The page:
Contact: Joe Vargo, Perris Public Information Officer
Phone: 951-956-2120
jvargo@cityofperris.org

"D Street: A Documentary" Set to Premier Later This Year

A placard announcing the upcoming documentary “D Street: A Documentary,” which will premiere later this year in Perris
A placard announcing the upcoming documentary “D Street: A Documentary,” which will premiere later this year in Perris.

Filmmaker David Van Houten said he began recording events from Perris’ Centennial in 2011 mostly as a favor to local historians and residents interested in documenting the City’s 100th birthday.

But over the months he and his crew spent in Perris, Van Houten said the work took on a very personal tone. The descendant of Perris pioneers Mable and Albert Hook, who operated a mercantile store on D Street, Van Houten said the filmmaking experience became a personal journey into his own family’s legacy and impact on Perris.

Eventually, Van Houten and his crew from Hollywood videotaped more than 100 hours of events that took place in Perris during the Centennial celebration. He’s edited that down to about 55 minutes for a film called “D Street: A Documentary,” which will premiere in Perris later this year.

Van Houten showed a six-minute clip of the film Sunday during the
annual installation of officer for the Perris Valley Historical and Museum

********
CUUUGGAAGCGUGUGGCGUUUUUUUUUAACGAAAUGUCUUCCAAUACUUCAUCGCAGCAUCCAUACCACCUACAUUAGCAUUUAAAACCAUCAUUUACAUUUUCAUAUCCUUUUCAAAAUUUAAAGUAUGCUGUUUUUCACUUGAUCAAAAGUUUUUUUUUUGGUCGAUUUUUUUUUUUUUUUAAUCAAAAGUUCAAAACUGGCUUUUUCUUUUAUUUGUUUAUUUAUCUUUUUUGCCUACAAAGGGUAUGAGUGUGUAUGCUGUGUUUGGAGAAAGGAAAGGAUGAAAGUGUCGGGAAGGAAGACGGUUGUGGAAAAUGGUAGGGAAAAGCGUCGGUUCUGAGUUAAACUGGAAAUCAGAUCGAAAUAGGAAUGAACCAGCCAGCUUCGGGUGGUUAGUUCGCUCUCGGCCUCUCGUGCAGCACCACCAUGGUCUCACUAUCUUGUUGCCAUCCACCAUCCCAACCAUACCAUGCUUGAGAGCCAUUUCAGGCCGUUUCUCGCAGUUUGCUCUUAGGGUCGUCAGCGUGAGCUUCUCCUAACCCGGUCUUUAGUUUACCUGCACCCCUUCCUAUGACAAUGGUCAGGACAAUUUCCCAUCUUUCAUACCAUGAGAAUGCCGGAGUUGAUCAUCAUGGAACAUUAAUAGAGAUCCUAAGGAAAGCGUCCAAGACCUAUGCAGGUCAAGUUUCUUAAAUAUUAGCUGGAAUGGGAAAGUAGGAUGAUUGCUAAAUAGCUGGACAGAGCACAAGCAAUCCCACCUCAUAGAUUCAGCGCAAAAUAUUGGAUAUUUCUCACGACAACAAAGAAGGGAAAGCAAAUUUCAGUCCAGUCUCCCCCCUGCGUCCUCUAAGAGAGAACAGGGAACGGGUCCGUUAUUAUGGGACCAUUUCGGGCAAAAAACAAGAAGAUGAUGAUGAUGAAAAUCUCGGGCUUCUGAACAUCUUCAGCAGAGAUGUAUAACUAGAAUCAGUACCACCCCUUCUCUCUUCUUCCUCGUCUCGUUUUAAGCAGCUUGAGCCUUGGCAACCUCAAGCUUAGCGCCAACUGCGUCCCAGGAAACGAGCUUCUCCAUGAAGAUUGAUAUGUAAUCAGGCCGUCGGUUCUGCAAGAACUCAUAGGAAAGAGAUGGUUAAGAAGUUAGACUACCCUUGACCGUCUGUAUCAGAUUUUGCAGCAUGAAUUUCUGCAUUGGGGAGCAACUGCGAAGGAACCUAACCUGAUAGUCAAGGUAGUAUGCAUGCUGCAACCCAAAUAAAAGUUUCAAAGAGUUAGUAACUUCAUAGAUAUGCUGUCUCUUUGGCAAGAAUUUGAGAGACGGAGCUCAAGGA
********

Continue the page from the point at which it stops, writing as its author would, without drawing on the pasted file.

Association, an event that drew about 150 people to the
First Congregational Church on A Street.

Filmmaker David Van Houten spent a year in Perris and recorded more than 100 hours of video for the D Street documentary. He is a descendant of Perris pioneers.
Filmmaker David Van Houten spent a year in Perris and recorded more than 100 hours of video for the D Street documentary. He is a descendant of Perris pioneers.

“This project became quite meaningful to me,” Van Houten said prior to showing the abridged clips. “Perris is unique in that there is a great deal of interest and caring about the history that was here before us. It has a small-town feel and integrity that so many cities would like to have but which Perris does have.”

Van Houten and his crew videotaped the burial of the City’s time capsule on May 26, 2011—the Centennial of Perris incorporation.

They were present at the multi-cultural festival, the day hundreds of school children learned about Indian culture at the Lake Perris State Recreation Area and during the City’s Centennial exhibit at the Southern California Fair in October. He interviewed Mayor Daryl Busch, Riverside County Supervisor Marion Ashley, local historians Katie Keyes and Dave Stuart and other long-time residents and civic leaders who provided insights from the time Perris served as an agricultural hub for Riverside County from the 1920s to 1960s.

Kimberly Denu (left) administers the oath of office to new president Deborah Bowman and other officers of the Perris Valley Historical and Museum Association
Kimberly Denu (left) administers the oath of office to new president Deborah Bowman and other officers of the Perris Valley Historical and Museum Association.